Badges for songs in Book 1?

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Laurel said: Oct 1, 2006
Laurel MacCullochViolin
Langley, BC
120 posts

I remember visiting a website done by people who produced badges (like those in Boy Scouts or Girl Guides) for each song in Book 1. Not sure if I want to do this for my students, but thought I’d take a look again anyway. Does anyone know the URL for this?

Thanks so much!’
Laurel

Charles Krigbaum said: Oct 13, 2006
Charles KrigbaumTeacher Trainer
Suzuki Association Member
Violin, Viola
69 posts

Hi Laurel,

Here you go:

http://www.twinkleemporium.com/

I would highly recommend NOT doing this however, as it will no doubt focus the parent’s and kid’s attention on progressing through the pieces and not working on SKILL. Who cares if you are on Minuet 1 if you don’t have a violin hold, bow hold, focus, and tone…right?

My first few years of teaching I did this, and it really bit me in the rear.
Now we talk about what skill you are working on rather than the piece and this paradigm shift has been crucial.

What I’ve done is bought the charming poster featured on the site and framed it and hung it in my studio. When a kid finished Book 1, I have the parents buy one and I sign it and then they take it home…

What do you think about this? Maybe I’m just too good at sucking the fun out of things (LOL) but I really think rewards for “passing” a song (a piece is NEVER finished in my mind) is a slippery slope.

Maybe I’m too cynical…anyway check-out the site, I hope it is what you wanted.

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North Texas School of Talent Education
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Joyce said: Oct 16, 2006
Joyce MizerViolin, Piano
Sarasota, FL
6 posts

We developed authentic “Japanese” certifcates awarded at the end of each book. Certificates for the early books are 4.25 X 5.5 inches and in color. On the left side of the certificate, words are in English. On the right side of the certificate, everything is in Japanese Kanji.

This adds to the tradition of the Japanese award system and gives the teacher an opportunity to talk more about Dr. Suzuki. Children listen more when they have a visual.

Laurel said: Oct 18, 2006
Laurel MacCullochViolin
Langley, BC
120 posts

Thanks for your input!

No, those pins look great, but the ones I saw were actual cloth badges, that you could sew onto clothes or a bag or something.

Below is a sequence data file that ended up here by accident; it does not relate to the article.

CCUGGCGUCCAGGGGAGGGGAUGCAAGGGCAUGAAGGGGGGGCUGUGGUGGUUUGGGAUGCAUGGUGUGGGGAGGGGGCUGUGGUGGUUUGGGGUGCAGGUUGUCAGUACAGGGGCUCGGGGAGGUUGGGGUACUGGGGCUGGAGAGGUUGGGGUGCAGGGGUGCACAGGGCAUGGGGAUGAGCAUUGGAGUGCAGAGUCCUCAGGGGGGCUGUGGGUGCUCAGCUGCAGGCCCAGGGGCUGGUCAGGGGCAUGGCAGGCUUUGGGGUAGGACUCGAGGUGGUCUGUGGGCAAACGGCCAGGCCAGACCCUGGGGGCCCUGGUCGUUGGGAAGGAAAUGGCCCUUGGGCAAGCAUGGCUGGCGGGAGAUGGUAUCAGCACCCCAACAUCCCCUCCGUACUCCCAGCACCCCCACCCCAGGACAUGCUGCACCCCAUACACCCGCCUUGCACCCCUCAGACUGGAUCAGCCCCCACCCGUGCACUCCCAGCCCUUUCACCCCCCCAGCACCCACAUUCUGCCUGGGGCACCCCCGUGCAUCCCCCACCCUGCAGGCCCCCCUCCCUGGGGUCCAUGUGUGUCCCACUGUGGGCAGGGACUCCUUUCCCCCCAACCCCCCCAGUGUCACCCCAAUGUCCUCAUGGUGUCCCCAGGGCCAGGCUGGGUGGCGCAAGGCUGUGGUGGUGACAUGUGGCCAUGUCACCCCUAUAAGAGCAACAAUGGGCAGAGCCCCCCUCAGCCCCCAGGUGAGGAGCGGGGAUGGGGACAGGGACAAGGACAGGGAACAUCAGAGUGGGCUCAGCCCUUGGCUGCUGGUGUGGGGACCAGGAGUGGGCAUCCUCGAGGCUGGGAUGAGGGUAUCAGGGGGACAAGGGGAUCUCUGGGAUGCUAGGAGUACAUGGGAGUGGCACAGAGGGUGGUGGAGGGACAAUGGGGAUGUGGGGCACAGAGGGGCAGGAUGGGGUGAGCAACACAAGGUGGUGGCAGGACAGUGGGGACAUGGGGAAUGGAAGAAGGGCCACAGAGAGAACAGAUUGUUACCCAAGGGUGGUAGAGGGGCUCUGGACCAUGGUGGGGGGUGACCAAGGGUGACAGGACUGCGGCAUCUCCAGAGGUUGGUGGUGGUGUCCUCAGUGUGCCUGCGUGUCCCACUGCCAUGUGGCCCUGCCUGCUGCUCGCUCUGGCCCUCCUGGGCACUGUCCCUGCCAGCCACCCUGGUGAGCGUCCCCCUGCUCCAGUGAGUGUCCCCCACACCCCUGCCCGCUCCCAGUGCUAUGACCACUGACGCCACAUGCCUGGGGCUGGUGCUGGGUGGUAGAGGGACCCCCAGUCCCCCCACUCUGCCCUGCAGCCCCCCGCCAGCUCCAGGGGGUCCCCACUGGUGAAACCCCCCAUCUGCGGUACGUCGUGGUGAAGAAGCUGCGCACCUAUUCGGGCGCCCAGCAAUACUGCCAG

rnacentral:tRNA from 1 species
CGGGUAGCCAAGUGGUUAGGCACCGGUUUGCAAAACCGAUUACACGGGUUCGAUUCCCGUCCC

I don’t like the idea of implying that a student has “passed” a piece, either. But perhaps it could be countered by my requirement of playing review pieces at every lesson—making the pieces into tools for learning techniques, that kind of thing. Just thinking out loud here.

End of a book, that’s an idea. Or perhaps something for achieving Dr. Suzuki’s graduation pieces. I don’t give/do anything resembling “recognising achievement” right now, and that seems to work just fine!

Laurel

Debbie said: Oct 20, 2006
Debbie MiViolin
138 posts

I was thinking about this whole controversy just today!

On the one hand, having levels to pass is motivating. Sort of like getting your belt in Karate.

On the other hand, focusing on which piece you are on can completely ruin the whole idea of enjoying the process.

As a teacher, I find it very difficult to figure out this balance. Maybe I should figure out a level system based on skills, not pieces.

Laura said: Oct 21, 2006
 
Suzuki Association Member
Piano
358 posts

Badges and pins for each song? Ugh, no! If any sense of achievement is formally acknowledged, it should be per book at most. That is a natural place to do it, since the student is already getting a new book and CD.

Awarding each song creates a false sense of “OK, I’m all done with that. Next!!” and doesn’t encourage a healthy attitude towards reviewing and improving older repertoire. I also think it can create an unhealthy sense of competition (”I have 14 badges and she only has 6!).

In my studio, the kids are always pulling out their older pieces for something or other, whether it is for learning new techniques or playing group games. Adding to the sense of “Look at all of the wonderful things I can play and how well I can play them” is more important, both attitude-wise and self-esteem wise, than “How many notches on my music stand?” (Sorry for the off-color analogy there… but I’m really trying to illustrate the point!)

Laurel said: Oct 22, 2006
Laurel MacCullochViolin
Langley, BC
120 posts

A list of skills—yes, I like that idea better. But then it still brings out the idea of “levels”. Hmmm.

I do have a student who gets easily discouraged; the end of the book as a motivator is waaaaay too far away for him at this point. I may do the 100-days-of-practise thing soon. Perhaps if I scribbled down a list of his songs (Twinkles and Lightly Row) and a list of his skills (playing position feet, head turned but not belly button, violin hold, left hand position, left-hand finger movements, fingers on tapes, bowing motion…) it could be quite motivating.

I try to include something like this in my group classes (”who keeps their scroll up at the right level for a whole song?” or something) but it’s tricky when there’s a couple people who need to be corrected.

Laurel

said: Oct 22, 2006
 26 posts

…But there must be a good way to use these great little pins!!

Perhaps ‘prizes’ such as these pins could be awarded for a beautifully polished solo performance?

I frequently have to talk my students out of playing their ‘latest piece’ at a recital. Maybe if there was an incentive to play an earlier piece (haven’t got that pin yet!)…

Just an idea.

Does anyone have any other ideas?

Jennifer Visick said: Oct 24, 2006
Jennifer VisickForum Moderator
Suzuki Association Member
Viola, Suzuki in the Schools, Violin
998 posts

those ARE such cute little pins. But $5.00 per pin???? Not sure it’s worth it.

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